David Drake, writing for Rolling Stone:
Drake’s “Hotline Bling” video, Taylor Swift’s tour movie and the Weeknd’s “Can’t Feel My Face” have something in common: They’ve all been funded by Apple. The world’s most valuable company has thrown its immense resources into making music videos, concert documentaries and documentaries and, above all, scoring album exclusives. The tech behemoth’s top execs are involved in pop-star projects: Apple CEO Tim Cook had a hand in the production of M.I.A.’s “Borders” video.
“Tim weighed in on that one in particular,” says Larry Jackson, who is in charge of Apple’s original-music content. The most recent major exclusive was Chance the Rapper’s Coloring Book, which customers could hear only on Apple Music because Chance has no label and was not selling a download version.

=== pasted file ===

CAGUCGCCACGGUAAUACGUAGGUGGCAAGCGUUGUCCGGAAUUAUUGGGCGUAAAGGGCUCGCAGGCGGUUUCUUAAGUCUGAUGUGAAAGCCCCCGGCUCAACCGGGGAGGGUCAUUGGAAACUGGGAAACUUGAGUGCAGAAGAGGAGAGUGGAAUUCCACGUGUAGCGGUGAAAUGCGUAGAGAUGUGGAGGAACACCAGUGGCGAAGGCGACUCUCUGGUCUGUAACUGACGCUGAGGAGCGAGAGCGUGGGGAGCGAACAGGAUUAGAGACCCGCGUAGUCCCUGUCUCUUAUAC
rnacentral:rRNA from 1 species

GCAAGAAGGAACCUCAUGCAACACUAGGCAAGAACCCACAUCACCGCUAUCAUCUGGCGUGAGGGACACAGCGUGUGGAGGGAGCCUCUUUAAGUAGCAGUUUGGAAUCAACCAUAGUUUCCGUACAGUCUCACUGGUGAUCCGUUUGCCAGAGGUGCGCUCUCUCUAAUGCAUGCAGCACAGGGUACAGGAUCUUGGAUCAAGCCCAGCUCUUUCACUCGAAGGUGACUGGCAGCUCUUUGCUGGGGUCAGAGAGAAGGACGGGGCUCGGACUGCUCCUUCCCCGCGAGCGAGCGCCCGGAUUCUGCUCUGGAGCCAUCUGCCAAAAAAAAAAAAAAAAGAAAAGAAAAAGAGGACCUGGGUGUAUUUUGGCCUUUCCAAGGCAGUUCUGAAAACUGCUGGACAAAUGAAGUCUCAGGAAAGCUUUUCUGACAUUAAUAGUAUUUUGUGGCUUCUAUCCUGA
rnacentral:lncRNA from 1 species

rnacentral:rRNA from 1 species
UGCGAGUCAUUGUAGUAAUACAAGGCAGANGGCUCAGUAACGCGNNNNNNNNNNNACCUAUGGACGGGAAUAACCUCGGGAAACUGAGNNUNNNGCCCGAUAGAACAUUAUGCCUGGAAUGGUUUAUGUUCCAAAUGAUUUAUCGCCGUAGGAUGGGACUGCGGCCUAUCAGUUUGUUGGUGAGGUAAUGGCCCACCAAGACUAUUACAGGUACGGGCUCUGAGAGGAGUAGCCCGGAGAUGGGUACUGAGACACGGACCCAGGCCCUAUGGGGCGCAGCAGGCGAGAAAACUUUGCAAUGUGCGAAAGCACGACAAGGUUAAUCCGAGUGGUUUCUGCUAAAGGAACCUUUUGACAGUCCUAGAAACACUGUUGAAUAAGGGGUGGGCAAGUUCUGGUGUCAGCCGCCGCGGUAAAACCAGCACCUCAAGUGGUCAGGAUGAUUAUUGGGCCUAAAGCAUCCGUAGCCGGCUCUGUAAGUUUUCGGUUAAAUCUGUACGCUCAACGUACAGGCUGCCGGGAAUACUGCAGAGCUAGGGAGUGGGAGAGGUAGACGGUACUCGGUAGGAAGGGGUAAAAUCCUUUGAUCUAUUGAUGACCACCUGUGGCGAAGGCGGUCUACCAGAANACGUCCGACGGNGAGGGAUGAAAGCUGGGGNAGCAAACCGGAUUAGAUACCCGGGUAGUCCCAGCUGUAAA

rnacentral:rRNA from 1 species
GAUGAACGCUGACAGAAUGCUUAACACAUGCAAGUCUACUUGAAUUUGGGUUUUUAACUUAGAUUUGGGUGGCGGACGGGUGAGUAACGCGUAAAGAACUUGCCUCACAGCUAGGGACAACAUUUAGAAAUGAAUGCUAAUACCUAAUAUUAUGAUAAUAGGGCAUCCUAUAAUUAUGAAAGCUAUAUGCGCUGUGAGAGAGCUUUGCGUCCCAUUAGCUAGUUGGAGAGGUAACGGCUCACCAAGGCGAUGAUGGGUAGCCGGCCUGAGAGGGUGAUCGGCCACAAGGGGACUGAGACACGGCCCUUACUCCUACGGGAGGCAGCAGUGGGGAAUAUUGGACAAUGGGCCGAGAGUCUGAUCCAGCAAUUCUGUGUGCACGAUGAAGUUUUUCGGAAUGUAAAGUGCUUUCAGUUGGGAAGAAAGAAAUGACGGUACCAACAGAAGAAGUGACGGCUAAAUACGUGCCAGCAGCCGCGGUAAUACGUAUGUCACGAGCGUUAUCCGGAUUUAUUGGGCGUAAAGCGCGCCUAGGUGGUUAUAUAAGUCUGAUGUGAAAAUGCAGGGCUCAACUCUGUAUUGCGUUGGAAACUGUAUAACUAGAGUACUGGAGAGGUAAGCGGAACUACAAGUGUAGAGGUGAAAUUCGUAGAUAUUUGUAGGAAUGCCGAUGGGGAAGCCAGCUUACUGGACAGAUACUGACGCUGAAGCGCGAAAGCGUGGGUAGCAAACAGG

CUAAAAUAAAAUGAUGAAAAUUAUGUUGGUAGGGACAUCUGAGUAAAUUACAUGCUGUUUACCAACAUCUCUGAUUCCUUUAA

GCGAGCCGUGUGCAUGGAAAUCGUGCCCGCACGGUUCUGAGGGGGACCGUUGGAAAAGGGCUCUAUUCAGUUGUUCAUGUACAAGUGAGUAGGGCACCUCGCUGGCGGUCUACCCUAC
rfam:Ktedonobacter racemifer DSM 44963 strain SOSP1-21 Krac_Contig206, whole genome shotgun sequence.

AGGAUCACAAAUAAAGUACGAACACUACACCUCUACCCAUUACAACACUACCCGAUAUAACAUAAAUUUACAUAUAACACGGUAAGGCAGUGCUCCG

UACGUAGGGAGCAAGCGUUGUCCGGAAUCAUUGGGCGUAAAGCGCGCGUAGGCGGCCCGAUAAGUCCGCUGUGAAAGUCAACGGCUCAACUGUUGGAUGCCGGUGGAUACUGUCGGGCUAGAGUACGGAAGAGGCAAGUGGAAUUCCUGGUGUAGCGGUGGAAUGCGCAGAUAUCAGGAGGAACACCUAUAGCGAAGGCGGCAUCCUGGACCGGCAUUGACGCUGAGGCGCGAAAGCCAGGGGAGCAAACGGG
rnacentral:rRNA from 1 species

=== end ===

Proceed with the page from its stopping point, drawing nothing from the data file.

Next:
Jackson likes to repeat a story from Iovine: “There are two buzzards sitting on a wire; one buzzard’s sitting up there waiting for something to die; the other buzzard’s saying, ‘Fuck this waiting-to-die shit, let’s go kill something.’ That’s the philosophy. You just have to go and get it done.”
Spotify is the big dog in this game, but Apple has significant resources from which to draw. One way Apple can up their game is by focusing on ways to improve both iTunes and the Apple Music app. Lots of room for improvement, and small changes there will leverage far more than any single exclusive content deal.